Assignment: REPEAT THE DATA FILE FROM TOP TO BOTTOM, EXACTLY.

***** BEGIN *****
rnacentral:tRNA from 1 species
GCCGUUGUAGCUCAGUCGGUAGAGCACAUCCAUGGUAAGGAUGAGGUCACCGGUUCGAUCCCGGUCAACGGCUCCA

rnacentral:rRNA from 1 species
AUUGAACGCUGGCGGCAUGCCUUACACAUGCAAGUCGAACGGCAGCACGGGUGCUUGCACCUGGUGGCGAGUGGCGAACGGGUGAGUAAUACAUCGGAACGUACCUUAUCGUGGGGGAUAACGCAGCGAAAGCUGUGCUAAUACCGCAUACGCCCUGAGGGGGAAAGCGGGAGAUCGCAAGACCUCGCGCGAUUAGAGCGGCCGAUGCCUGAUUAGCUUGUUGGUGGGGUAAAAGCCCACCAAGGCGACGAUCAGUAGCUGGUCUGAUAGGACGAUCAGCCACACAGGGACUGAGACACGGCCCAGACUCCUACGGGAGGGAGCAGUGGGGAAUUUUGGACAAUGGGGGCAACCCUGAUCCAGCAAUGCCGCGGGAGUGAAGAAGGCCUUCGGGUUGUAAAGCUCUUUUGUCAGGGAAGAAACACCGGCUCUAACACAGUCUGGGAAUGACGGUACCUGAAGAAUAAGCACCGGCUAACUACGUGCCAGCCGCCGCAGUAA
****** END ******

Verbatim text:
rnacentral:tRNA from 1 species
GCCGUUGUAGCUCAGUCGGUAGAGCACAUCCAUGGUAAGGAUGAGGUCACCGGUUCGAUCCCGGUCAACGGCUCCA

rnacentral:rRNA from 1 species
AUUGAACGCUGGCGGCAUGCCUUACACAUGCAAGUCGAACGGCAGCACGGGUGCUUGCACCUGGUGGCGAGUGGCGAACGGGUGAGUAAUACAUCGGAACGUACCUUAUCGUGGGGGAUAACGCAGCGAAAGCUGUGCUAAUACCGCAUACGCCCUGAGGGGGAAAGCGGGAGAUCGCAAGACCUCGCGCGAUUAGAGCGGCCGAUGCCUGAUUAGCUUGUUGGUGGGGUAAAAGCCCACCAAGGCGACGAUCAGUAGCUGGUCUGAUAGGACGAUCAGCCACACAGGGACUGAGACACGGCCCAGACUCCUACGGGAGGGAGCAGUGGGGAAUUUUGGACAAUGGGGGCAACCCUGAUCCAGCAAUGCCGCGGGAGUGAAGAAGGCCUUCGGGUUGUAAAGCUCUUUUGUCAGGGAAGAAACACCGGCUCUAACACAGUCUGGGAAUGACGGUACCUGAAGAAUAAGCACCGGCUAACUACGUGCCAGCCGCCGCAGUAA